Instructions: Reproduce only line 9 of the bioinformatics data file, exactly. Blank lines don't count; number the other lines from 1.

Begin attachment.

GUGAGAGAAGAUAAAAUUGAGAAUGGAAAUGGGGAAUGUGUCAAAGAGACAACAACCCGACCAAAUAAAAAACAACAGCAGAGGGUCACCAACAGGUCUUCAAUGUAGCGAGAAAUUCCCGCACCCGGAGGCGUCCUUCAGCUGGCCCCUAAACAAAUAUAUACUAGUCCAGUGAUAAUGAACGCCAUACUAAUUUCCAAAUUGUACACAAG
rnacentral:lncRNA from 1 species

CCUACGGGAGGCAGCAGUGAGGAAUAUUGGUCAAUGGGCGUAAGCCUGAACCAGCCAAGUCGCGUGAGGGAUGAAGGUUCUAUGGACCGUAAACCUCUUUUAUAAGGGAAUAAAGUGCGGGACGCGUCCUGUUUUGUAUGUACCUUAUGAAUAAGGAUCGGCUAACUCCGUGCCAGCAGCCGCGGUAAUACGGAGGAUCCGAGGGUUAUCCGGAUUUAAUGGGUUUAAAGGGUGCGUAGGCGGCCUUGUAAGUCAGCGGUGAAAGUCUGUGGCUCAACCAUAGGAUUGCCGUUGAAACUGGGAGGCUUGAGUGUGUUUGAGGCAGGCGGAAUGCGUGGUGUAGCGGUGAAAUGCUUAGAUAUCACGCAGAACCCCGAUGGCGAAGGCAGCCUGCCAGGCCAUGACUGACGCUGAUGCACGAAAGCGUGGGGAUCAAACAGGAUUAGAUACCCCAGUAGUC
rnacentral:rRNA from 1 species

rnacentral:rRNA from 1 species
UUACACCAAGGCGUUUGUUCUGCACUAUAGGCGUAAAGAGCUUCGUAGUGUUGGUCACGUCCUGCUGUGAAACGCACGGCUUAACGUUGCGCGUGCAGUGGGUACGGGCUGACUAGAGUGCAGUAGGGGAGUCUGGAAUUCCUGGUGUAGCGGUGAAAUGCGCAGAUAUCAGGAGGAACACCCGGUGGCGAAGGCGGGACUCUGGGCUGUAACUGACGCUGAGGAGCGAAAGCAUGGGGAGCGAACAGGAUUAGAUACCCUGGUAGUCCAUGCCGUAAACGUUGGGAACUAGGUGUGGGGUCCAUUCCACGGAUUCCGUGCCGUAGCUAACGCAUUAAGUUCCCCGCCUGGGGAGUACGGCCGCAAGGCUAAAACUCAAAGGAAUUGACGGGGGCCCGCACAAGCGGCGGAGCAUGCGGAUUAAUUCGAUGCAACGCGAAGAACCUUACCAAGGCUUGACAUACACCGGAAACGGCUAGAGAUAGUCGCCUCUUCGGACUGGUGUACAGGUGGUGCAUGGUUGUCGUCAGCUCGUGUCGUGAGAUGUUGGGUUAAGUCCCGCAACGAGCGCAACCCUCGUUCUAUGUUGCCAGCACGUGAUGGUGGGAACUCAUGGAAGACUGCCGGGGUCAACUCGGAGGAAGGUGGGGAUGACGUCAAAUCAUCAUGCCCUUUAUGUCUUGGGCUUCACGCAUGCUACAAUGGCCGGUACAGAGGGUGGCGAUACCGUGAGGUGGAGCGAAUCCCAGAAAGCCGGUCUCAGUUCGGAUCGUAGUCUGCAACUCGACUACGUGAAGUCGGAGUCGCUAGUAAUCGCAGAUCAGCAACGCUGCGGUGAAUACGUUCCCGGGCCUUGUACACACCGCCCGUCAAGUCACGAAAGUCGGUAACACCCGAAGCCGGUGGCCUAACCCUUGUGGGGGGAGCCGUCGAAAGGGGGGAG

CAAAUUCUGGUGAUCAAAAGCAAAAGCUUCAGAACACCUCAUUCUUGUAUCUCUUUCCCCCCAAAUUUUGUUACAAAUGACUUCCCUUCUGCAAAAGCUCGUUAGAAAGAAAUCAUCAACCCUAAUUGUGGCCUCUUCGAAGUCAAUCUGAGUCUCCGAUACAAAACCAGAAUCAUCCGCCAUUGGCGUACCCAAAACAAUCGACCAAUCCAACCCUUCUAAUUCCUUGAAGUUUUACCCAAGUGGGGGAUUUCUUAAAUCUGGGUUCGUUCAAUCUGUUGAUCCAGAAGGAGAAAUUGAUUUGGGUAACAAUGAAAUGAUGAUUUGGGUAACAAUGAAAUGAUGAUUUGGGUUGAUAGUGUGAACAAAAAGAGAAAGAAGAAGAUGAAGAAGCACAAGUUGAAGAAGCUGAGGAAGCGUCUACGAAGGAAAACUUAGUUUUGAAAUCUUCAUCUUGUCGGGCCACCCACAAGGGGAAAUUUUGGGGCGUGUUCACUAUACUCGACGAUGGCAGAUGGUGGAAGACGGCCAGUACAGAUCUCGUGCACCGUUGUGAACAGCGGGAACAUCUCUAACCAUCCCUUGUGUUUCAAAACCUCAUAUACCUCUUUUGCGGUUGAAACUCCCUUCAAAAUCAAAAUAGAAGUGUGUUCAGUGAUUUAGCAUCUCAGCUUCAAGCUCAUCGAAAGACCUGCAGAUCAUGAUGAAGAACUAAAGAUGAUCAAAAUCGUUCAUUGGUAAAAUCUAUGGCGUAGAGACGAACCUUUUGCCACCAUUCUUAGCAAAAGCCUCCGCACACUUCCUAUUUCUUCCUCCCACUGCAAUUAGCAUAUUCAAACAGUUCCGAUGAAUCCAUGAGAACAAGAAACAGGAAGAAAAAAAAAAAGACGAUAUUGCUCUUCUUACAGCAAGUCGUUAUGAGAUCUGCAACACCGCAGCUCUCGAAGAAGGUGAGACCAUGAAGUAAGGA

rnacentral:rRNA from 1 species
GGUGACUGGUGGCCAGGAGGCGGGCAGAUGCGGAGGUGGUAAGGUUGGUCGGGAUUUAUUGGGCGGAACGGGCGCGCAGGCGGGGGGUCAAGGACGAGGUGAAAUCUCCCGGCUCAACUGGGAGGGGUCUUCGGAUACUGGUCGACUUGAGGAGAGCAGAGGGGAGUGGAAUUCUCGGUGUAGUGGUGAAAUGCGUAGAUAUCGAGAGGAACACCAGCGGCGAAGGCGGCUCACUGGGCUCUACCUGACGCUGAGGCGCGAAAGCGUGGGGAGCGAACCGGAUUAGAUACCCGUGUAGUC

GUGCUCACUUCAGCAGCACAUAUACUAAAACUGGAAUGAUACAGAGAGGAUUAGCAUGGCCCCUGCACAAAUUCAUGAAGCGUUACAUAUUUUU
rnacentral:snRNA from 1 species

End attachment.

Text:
GGUGACUGGUGGCCAGGAGGCGGGCAGAUGCGGAGGUGGUAAGGUUGGUCGGGAUUUAUUGGGCGGAACGGGCGCGCAGGCGGGGGGUCAAGGACGAGGUGAAAUCUCCCGGCUCAACUGGGAGGGGUCUUCGGAUACUGGUCGACUUGAGGAGAGCAGAGGGGAGUGGAAUUCUCGGUGUAGUGGUGAAAUGCGUAGAUAUCGAGAGGAACACCAGCGGCGAAGGCGGCUCACUGGGCUCUACCUGACGCUGAGGCGCGAAAGCGUGGGGAGCGAACCGGAUUAGAUACCCGUGUAGUC